Lack of Government Leadership on Racism Must be Addressed – Show Racism the Red Card – Sports stars help anti-racism charity launch new education pack at Croke Park Government and policymakers in Ireland are failing to tackle racism, and their complacence must be challenged. That’s according to the anti-racism charity Show Racism the Red Card, which today (19.03.13) launched a new education pack at Croke Park, Dublin.Greta Perevalovaite and Rafael Meba, right, from Blakestown Community School, Dublin, in attendance at the launch of a new Educational Pack by Show Racism the Red Card.The education pack is aimed at tackling racism in schools and sports clubs, and includes written and video testimonies from a host of well-known sportspeople. Those featured include Ireland internationals Seamus Coleman and Seán St. Ledger; GAA stars Lee Chin, Barry Cahill and Cliona O’Connor; and Leinster and Ireland rugby player Seán O’Brien.In attendance at the launch of a new Educational Pack by Show Racism the Red Card are, from left, Republic of Ireland footballer Ciaran Clarke, Greta Perevalovaite, from Blakestown Community School, Dublin, Eoin McCafferty, from Show Racism the Red Card, former Dublin footballer Barry Cahill, Rafael Meba, from Blakestown Community School, and Dessie Farrell, Chief Exceutive, Gaelic Players Association. Show Racism the Red Card Launch New Educational Pack, Croke Park, Dublin. Picture credit: Paul Mohan Speaking at the launch of the pack, Garrett Mullan, Coordinator of Show Racism the Red Card, said community and voluntary organisations have become more active in tackling racism – partly because of the Government’s failure to do so.Paraic Duffy, Director General of the GAA speaking at the launch of the new education pack of Show Racism the Red Card.“In recent years, racism and integration have been getting scant attention at government and policymaking levels,” he said. “Since the onset of the recession, immigration has declined and, as a result, there may be a perception that racism is no longer a problem. Funding has been slashed for bodies that promote integration and, in some cases, anti-racism programmes have been shut down.“While we welcome the support we have received from government to deliver our work, more needs to be done – at political level, but also by society as a whole – to tackle racism. Many of the hundreds of thousands of people who migrated to Ireland in recent decades have made this country their home. The last Census showed nearly one in five people who live here were born outside Ireland. First and second-generation migrants are more and more visible in economic, social and cultural life.“Yet, despite the multiple benefits diversity has brought, challenges around discrimination remain. Serious incidents of racism are commonplace. And the recession has contributed to a misplaced perception that migrants are a threat to the ‘native’ Irish and are unfairly benefitting from Irish jobs and entitlements.”According to Mr. Mullan, sports and education bodies are playing an increasingly important role in tackling racism.“Show Racism the Red Card works with hundreds of schools and sports clubs throughout Ireland,” he said. “While the Government’s focus on integration has waned, it is heartening to see grassroots groups acknowledging and responding to racism.“National sports organisations are also proactive. We were delighted to work with the GAA, the Gaelic Players’ Association, the FAI and the IRFU in producing our new education pack. Furthermore, individual players have been to the fore in challenging racist attitudes.“The actions of these groups and individuals are really putting it up to the Government. If we, as ordinary citizens, can see that racism exists and that steps must be taken to combat it, then our national leaders should do likewise.“The European Commission against Racism and Intolerance published its most recent report on Ireland last month, which pointed to a number of policy and legislative gaps and failings. As current holders of the Presidency of the EU, Ireland is perfectly placed to demonstrate global leadership on tackling racism.“Education is critical in dispelling racist attitudes. Over the coming months, Show Racism the Red Card plans to engage with the Government and, in particular, the Department of Education to explore how anti-racism initiatives can be more formally built into the Irish schools system.The new Show Racism the Red Card education pack is made up of a DVD and accompanying handbook, designed for use in classrooms or youth group settings. It provides activities and exercises, aimed at promoting respect for diversity and informing young people about how to respond to racism. As well as sports stars, students from schools in Dublin and Donegal are featured.On the DVD, a number of contributors speak about their own experiences of racism, including:A young camogie-player of African origin, who says “while camogie is my favourite sport, I get a lot of abuse, with people from other teams saying that I should not be playing this sport because I am not Irish”.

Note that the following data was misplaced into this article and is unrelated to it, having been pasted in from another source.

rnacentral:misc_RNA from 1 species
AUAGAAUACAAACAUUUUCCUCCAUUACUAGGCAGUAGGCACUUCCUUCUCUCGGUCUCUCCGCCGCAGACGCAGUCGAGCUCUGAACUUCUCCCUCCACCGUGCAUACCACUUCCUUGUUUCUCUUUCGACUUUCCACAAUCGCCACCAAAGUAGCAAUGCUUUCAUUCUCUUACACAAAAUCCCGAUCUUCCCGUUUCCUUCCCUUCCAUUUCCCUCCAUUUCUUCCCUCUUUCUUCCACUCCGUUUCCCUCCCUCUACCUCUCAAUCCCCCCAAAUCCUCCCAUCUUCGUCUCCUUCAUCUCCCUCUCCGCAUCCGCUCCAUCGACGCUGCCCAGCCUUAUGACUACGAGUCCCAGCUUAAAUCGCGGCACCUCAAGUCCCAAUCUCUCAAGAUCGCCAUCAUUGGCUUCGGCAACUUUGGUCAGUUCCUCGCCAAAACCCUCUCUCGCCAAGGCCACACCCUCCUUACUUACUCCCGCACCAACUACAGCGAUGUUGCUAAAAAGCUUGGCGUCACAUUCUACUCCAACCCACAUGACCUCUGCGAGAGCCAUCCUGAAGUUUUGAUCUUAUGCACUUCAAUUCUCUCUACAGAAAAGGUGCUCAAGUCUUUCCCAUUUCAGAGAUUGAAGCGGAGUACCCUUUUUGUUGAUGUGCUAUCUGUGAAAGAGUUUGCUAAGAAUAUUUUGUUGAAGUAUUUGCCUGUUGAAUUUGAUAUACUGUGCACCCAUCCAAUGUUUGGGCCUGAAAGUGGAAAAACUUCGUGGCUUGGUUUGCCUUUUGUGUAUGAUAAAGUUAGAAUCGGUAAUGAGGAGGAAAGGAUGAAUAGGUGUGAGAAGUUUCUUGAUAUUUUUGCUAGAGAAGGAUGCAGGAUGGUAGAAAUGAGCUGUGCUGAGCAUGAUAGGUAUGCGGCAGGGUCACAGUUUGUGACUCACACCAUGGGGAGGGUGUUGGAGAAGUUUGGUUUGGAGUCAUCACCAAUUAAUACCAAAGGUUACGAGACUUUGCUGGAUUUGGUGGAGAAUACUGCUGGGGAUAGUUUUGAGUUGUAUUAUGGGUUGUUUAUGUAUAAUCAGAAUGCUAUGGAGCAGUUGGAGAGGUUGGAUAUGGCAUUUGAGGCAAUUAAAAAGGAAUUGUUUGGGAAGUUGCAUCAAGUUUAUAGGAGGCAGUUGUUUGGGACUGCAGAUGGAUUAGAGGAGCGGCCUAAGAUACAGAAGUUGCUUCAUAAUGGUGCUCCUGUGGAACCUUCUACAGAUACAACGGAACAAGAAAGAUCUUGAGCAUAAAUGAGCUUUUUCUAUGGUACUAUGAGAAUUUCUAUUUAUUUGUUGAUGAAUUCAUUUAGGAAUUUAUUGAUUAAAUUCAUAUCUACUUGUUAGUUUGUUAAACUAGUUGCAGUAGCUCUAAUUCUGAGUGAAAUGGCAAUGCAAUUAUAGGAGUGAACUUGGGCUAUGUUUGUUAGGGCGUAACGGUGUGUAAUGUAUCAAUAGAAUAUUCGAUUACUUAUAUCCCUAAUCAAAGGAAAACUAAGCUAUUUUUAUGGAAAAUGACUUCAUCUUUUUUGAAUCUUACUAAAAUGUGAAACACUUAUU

- A teenager originally from Lithuania who has lived in Dublin from an early age, who describes how her experiences of racism “started when I was eight years old and other children would tell me to go back to my own country”.
- Wexford’s dual GAA star Lee Chin, who tells how a friend of his sister experienced suicidal feelings at the age of 10 because of racist abuse.
A number of the sportspeople featured in the education pack were present at today’s launch, and the event was addressed by Páraic Duffy, Director General of the GAA. Further information about the new education pack is available at www.theredcard.ie. Sample video footage from the pack can be seen at: www.youtube.com/theredcardire.